Friday, September 8, 2017

Batman/The Flash: The Button Deluxe Edition

 The Mystery behind DC's REBIRTH continues....

....I just wish it would continue a little faster.

 BATMAN/THE FLASH: THE BUTTON DELUXE EDITION collects BATMAN #'s 21-22 and THE FLASH #'s 21-22; I can't speak about how this crossover will appear in The Scarlet Speedster's collected edition, but this story is omitted entirely from the third volume of Tom King's BATMAN, much like the NIGHT OF THE MONSTER MEN crossover before it.

 The collection starts strong, with the Tom King penned BATMAN #21, which basically happens in about 90 seconds of real time. Batman is checking out the smiley-face pin that he found embedded in the cave wall in REBIRTH, and accidentally lets the pin come into contact with the mask of The Psycho-Pirate. Things that belong to two (or more) different bad-guys should never be allowed to come into contact.....Batman should know this. But come into contact they do, which leads to The Reverse-Flash appearing, kicking Batman's ass, and disappearing. Then reappearing again, slightly the worse for wear. Enter The Flash....

 ....which is where things went downhill. The remainder of the crossover is written by Joshua Williamson, and didn't do much for me. I'm not sure if it was Williamson's writing that wasn't clicking with me, or the interminably long time that was spent hopping through the speed force, or the lengthy FLASHPOINT sequence....whatever it was, you could feel Williamson frantically trying to pad out the crossover. It could have been done in two issues, one BATMAN, one Flash. But no one would buy a collection of two issues, so DC editorial must have mandated four. Which was easily two too many. Plus, Barry Allen is an insufferably boring character. Sorry, but someone had to say it.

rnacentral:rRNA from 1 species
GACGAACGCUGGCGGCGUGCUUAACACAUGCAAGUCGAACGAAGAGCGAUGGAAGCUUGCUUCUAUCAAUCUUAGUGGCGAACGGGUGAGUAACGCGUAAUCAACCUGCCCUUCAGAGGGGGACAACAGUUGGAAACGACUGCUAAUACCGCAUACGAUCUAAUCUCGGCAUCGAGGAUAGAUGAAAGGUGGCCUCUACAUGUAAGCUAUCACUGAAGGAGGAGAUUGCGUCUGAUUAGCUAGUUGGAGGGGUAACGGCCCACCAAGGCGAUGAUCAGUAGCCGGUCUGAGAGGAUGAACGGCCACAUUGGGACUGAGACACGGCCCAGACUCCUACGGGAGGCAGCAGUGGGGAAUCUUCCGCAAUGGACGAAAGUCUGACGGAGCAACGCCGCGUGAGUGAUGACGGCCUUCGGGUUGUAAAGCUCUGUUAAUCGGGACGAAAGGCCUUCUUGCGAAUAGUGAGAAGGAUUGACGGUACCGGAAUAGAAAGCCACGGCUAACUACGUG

At this point, the fact that REBIRTH is connected to WATCHMEN has been beaten into our heads for what seems like five years, so no one should be surprised that this has something to do with the revered Alan Moore/Dave Gibbons mini-series.....but, what? At the end of the book, I have no more answers than I had at the beginning. I'm not reading every DC book being published and parsing through them for clues, so maybe I've missed something. Maybe I've missed a LOT of somethings. All I can say for sure is, as a standalone, this is a severely disappointing book, lacking any type of closure.

 The art is a mixed bag...I enjoyed Jason Fabok's BATMAN issues, but Howard Porter's THE FLASH issues got sloppier-looking as the pages went by. I was a big fan of Porter in his JLA days, but his more recent style leaves me a little underwhelmed.

For a "Deluxe Edition", this collection is very sparse as far as extras are concerned: There's a small variant cover gallery, and that's it.

 BATMAN/THE FLASH: THE BUTTON DELUXE EDITION earns a measly two out of ten Infinite Earths: ๐ŸŒŽ๐ŸŒŽ I'll be back for DOOMSDAY CLOCK...hopefully we can get some answers there.

 DC Comics provided a review copy.

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